The lives of several Latinos in the Central Valley will be featured in short film documentaries produced by filmmakers and presented in the inaugural edition of the Big Tell Film Contest.
The contest, sponsored by the Central Valley Community Foundation and Bank of America, received 85 entries.
Ten professional and amateur filmmakers received $5,000 grants to film ‘Undiscovered Stories from the Central Valley.’ They will have help from Emmy Award nominee Sascha Rice to finish their productions by Oct. 3.
All the documentaries, three- to five-minutes in length, will be featured at a red-carpet event Oct. 20 at the Warnors Theatre.
Foundation president/CEO Ashley Swearengin said there were numerous topics from the entries and that she has learned something new.
“We had everything under the sun: We had stories on small business triumphs, stories about literacy and education, we had more stories about arts, and about what’s happened with youth,” said the former Fresno mayor.
Orosi High senior Theodoro Quiroz Jr., 17, will use actors to produce ‘Living a Life I didn’t Choose,’ the struggle of a young Latino being raised in a blended family in the Tulare County town.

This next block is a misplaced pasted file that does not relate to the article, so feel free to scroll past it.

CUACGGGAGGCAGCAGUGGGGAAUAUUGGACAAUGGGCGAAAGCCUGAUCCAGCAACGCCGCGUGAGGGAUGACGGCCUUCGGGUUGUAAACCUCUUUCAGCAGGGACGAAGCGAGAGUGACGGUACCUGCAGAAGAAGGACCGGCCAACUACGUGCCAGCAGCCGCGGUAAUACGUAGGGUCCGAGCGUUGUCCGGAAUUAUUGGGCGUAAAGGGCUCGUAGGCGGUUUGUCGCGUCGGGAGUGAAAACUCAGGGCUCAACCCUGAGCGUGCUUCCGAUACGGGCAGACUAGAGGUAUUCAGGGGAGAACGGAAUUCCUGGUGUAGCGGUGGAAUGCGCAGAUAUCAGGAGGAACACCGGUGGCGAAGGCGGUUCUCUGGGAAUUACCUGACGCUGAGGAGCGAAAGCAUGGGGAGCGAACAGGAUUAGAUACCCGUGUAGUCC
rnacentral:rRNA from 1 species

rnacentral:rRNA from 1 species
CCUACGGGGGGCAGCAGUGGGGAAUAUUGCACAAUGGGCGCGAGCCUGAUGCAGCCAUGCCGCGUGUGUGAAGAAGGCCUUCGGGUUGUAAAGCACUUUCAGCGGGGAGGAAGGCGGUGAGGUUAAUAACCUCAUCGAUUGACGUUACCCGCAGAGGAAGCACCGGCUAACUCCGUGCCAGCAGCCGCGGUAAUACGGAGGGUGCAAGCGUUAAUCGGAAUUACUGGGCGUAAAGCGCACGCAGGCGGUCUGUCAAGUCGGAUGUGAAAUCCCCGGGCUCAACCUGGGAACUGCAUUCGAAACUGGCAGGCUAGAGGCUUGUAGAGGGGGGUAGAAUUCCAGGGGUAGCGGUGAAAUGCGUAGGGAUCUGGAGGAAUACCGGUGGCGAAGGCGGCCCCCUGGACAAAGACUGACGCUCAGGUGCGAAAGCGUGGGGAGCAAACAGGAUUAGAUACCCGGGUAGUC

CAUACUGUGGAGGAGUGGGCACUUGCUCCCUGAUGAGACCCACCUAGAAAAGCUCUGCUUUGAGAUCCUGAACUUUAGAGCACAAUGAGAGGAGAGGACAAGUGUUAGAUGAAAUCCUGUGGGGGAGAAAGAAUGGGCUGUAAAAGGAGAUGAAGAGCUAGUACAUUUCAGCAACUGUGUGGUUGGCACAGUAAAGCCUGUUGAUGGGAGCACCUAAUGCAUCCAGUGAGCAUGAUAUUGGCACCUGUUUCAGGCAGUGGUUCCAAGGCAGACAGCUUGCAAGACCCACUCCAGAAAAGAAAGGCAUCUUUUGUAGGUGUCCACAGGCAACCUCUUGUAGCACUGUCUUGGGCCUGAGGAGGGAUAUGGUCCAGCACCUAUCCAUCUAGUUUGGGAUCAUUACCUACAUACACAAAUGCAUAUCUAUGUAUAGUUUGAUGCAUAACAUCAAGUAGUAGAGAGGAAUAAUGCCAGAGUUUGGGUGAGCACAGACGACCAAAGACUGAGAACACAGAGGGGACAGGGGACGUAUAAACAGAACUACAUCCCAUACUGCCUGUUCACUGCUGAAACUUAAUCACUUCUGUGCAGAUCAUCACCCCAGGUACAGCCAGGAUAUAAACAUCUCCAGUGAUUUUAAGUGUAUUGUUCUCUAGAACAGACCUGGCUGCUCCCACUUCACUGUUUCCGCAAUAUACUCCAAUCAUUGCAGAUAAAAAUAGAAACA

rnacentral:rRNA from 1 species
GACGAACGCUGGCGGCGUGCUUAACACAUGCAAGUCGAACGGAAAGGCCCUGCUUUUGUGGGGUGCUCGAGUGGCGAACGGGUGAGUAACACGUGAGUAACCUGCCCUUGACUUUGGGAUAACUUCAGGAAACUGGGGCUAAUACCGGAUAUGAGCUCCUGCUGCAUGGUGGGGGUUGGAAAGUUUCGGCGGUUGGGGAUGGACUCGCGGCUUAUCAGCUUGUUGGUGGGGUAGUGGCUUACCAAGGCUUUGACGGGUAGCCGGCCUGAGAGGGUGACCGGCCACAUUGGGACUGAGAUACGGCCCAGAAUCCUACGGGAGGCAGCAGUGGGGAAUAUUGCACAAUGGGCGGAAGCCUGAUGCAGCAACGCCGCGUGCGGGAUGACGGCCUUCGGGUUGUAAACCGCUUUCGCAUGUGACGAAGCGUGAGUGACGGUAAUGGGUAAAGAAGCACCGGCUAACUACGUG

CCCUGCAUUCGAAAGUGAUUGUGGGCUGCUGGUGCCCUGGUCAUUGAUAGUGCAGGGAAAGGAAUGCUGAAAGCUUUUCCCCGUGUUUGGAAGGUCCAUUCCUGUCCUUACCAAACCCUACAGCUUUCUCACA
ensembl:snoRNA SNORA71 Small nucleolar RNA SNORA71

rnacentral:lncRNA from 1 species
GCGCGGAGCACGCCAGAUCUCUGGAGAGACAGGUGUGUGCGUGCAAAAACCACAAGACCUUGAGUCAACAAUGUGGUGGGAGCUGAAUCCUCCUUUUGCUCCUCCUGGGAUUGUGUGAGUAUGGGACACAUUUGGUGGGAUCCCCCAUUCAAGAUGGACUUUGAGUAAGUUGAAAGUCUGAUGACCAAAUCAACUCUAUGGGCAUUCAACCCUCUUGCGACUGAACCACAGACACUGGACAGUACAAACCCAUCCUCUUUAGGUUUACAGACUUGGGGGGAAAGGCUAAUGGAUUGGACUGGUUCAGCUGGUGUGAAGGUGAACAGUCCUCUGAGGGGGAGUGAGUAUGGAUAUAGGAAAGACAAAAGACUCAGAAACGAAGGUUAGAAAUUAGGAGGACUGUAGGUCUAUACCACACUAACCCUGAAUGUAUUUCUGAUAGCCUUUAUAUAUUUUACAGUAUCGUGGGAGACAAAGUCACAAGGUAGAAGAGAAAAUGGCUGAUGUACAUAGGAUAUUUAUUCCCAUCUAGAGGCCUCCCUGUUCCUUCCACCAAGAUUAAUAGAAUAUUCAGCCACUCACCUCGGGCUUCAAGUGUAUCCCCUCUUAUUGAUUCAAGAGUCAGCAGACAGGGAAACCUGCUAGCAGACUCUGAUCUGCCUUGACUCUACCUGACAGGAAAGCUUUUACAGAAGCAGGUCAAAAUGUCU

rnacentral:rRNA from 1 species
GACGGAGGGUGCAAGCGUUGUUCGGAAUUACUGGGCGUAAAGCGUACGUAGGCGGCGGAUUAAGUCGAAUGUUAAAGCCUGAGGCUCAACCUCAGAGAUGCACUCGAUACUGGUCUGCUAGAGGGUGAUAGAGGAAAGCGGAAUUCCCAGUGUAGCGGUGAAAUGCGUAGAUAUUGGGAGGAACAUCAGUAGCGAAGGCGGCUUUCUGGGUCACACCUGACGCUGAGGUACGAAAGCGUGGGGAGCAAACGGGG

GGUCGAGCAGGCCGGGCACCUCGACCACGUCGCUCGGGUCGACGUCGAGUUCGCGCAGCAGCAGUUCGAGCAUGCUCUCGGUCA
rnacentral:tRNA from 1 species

“His mother died when he was very young. His father ended remarrying; the father began to lose focus on the biological kid and started focusing more on the stepkids,” said Quiroz.
Former Univisón videographer Armando Valdéz and Arte Américas director Frank Delgado will document the annual Joaquín Murrieta horse pilgrimmage.
Kings Cultural Center founders Juan and Consuelo Medina will be featured by Univisión photographer José Múñoz. The Medinas opened the cultural arts studio in Armona. The center hosts and teaches folkloric dance and host performances and have a travel group.
David Kennedy and Cindy Wathen-Kennedy will produce a piece on Lance Canales, an Americana rockability composer and musician. The Kennedys will feature several aspects of the former farmworker-turned-muscian.
A young Latina’s life will be featured in ‘On the Banks of El Canal,’ a joint effort between Martha Yesenia Juárez, Jennifer Morales, Luis Alcázar and Carolina Gutiérrez-Alfaro. The young adult realizes the richness of farmworking migrant families.
Avenal students will be filmed as they compete in the 59daysofcode’s annual competition. The competition welcomes ideas for apps. Domestic duties in the home have been introduced, but a new category focuses on water due to the drought.
“The Central Valley is home to a rich tapestry of California stories. As the Central Valley Community Foundation recognizes, documentaries have the potential to grow empathy, build awareness and streghten communities by creating a sense of identity,” said Rice.
Karen Dusek, Rebecca Adams
Two volunteer tutors and learners in the Mariposa Library’s adult literacy program show their inspirational stories.
Struggle of one Syrian family in Fresno. This family is one of 10,000 Syrian refugees coming to the U.S.
Focus on Amy Querin who uses dance to heal her emotional wounds. Teaches others to do the same.
Feature on three Hmong veterans who served for the U.S. in the Vietnam War in Laos.